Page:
As we noted above, there are minor issues you can resolve without resorting to opening up the battery. From our experience, these fixes troubleshoot the majority of battery issues reported to us by our readers. For serious battery performance issues that can’t be easily fixed, though, do yourself a favor and upgrade to a new battery to keep yourself, your bike, and other people around you safe while you ride.
Thank you for reading our blog post discussing eBike battery safety and repair. Please leave a comment below if you have any questions or if you want to know our favorite battery upgrades!
Electric bike maintenance: how to look after your ebike
If you’re thinking about buying an electric bike, you’ll want to know how to take care of it. The best electric bikes can be expensive, so to keep yours in the best condition you’ll need to have a regime of regular maintenance.
This guide explains how to look after your electric bike, including tips on washing the bike, applying lubricants, regular component checks, software and app updates, and looking after the battery. If you’re not sure where to start, our beginner’s guide to electric bikes will explain the ebike basics. The essentials of electric bike maintenance are the same whether you’re looking at an electric road bike, an electric hybrid bike or an electric folding bike.
Proper maintenance, particularly of the drivetrain, is even more important if you’re riding off-road, whether that’s on an electric mountain bike or an electric gravel bike, because dirt and debris can quickly take a toll on expensive components. An electric bike, like any bike, needs regular maintenance. Cleaning and taking care of your ebike will keep it running smoothly, efficiently and safely, all of which can contribute to a longer lifespan for the bike and its battery and motor.
How often should you service an electric bike?
In many senses, electric bicycle maintenance is no different from that of a non-assisted bike. However, some components, and particularly the drivetrain (cranks, chain and sprockets), are subject to greater forces and increased wear. Therefore, washing your ebike regularly and keeping it well maintained is of utmost importance if you want to get the most out of the bike. First things first, a clean bike is a happy bike. Dirt and mud increase wear on components and, when mixed with water and grease, can form a paste that will, at best, decrease the efficiency of your bike and, at worst, quickly wear through consumable parts. The smoother your electric bike runs, the more efficient it will be, and the longer your key components will last. Keep the drivetrain clean and running well: battery life and power output are irrelevant if your gears are grinding and skipping all over the place. Riding a bike with a clean, efficient drivetrain, along with correctly adjusted gears, is ultimately a more pleasurable experience and will help you get the most from the bike in the long run.
If your drivetrain looks excessively dirty (usually an accumulation of black gunk on the chain or, on electric mountain bikes in particular, mud stuck in the jockey wheels of the rear derailleur), you can give it a quick clean with a rag, or a deep clean with degreaser. We’ve got separate guides on how to clean a bike and how to clean a bike chain. Electric bike chains tend to require more frequent lubrication than non-assisted bicycle chains. Regularly applying a quality lubricant to your chain will ensure the transmission runs efficiently. It’s a good idea to do this after every ride, and certainly after washing and drying the bike. Otherwise, read our guide on how to choose and apply the best chain lube for your bike. Applying lubricant to an ebike sometimes isn’t as simple as it seems. You can’t back-pedal most ebikes, so try putting the bike in a workstand (or get a friend to hold the rear wheel off the ground) so you can turn the pedals to let the lube drip onto the chain evenly. If your bike has a ‘walk’ mode, you can engage it so that the cranks (and rear wheel) spin around slowly, allowing you to lube the chain easily.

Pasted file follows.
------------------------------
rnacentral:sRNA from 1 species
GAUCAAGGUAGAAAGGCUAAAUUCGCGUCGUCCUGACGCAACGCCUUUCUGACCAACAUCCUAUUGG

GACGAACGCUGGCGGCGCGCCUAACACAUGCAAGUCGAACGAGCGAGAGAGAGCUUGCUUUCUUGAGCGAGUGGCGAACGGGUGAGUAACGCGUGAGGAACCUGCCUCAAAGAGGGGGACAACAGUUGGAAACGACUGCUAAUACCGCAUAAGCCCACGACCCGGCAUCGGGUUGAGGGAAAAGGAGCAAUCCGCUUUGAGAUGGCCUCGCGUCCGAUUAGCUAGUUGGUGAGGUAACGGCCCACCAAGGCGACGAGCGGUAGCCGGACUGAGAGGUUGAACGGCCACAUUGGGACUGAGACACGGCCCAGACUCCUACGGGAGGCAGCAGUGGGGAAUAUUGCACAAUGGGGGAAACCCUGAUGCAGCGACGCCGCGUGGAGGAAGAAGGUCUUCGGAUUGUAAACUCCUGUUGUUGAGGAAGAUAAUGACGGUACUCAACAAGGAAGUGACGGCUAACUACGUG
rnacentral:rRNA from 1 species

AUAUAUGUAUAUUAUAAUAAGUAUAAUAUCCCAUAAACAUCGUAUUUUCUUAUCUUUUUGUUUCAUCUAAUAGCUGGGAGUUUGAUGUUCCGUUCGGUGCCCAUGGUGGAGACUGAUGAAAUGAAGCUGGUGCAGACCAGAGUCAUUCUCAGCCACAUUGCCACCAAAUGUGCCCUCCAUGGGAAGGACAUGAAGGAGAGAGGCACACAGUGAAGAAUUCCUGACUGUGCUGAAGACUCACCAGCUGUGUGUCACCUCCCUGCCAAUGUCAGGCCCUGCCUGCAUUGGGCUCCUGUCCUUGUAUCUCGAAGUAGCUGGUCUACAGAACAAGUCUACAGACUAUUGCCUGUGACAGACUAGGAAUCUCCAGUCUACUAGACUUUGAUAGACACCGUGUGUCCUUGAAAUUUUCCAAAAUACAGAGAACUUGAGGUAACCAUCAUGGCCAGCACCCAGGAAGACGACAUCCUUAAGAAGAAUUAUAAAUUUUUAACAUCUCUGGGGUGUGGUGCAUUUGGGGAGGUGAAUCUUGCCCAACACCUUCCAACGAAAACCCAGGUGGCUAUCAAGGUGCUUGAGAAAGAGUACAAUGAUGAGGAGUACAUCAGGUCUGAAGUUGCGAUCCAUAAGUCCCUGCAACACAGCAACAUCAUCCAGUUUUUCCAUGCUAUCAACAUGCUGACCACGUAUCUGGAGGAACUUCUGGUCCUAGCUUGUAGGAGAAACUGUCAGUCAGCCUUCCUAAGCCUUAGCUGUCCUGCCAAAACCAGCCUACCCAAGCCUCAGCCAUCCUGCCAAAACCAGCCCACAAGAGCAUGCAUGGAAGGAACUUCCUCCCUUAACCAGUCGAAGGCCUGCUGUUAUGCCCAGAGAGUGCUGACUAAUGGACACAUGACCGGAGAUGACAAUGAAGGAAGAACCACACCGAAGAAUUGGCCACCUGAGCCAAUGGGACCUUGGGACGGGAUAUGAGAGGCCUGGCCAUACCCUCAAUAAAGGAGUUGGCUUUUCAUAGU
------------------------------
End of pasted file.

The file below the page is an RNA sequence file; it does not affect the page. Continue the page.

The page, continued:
Keeping your tyre pressures at the right level will help your ebike run more efficiently. Katherine Moore / Immediate Media
You should also regularly check your ebike’s tyre pressures. Under-inflated tyres are not only potentially dangerous, but they can also waste power and reduce efficiency, meaning you’ll get less out of a battery charge. Equally, running tyres at too high a pressure can compromise comfort and grip, especially if you’re riding off-road. As a starting point, keep your tyres inflated to within the recommended pressures indicated on the sidewall but experiment to find the ideal pressure for you, balancing weight, comfort, grip and rolling resistance. Want to know more? We’ve got guides to road bike tyre pressure and mountain bike tyre pressure.
Component wear and tear
Many ebikes now use components developed specifically for assisted riding. This means stronger parts made to withstand the added forces that go through an ebike, due to the increased power output, speed and overall weight of the bike. Electric bike drivetrains tend to be beefier and have different gear ranges from non-assisted bikes. Ebike-specific wheels and tyres are also sturdier, forks stronger, brakes more powerful, and so on. Nonetheless, despite this additional reinforcement, you are still demanding a lot from an electric bike, whether pedalling, braking, turning, climbing or descending, so it’s a good idea to keep a keen eye on the components and frame for loose bolts or damaged parts. Regularly safety check your bike to ensure that all bolts and axles are tightened to the manufacturer’s recommended torque settings, check your tyres for anything that might cause a puncture and test for any loose spokes. Watch out for excessive wear, too. If one part wears out, such as the chain, it can have a knock-on effect on other components – such as causing premature wear to the chainrings and cassette. We’ve got a guide to chain wear so you can spot any issues before they become a problem.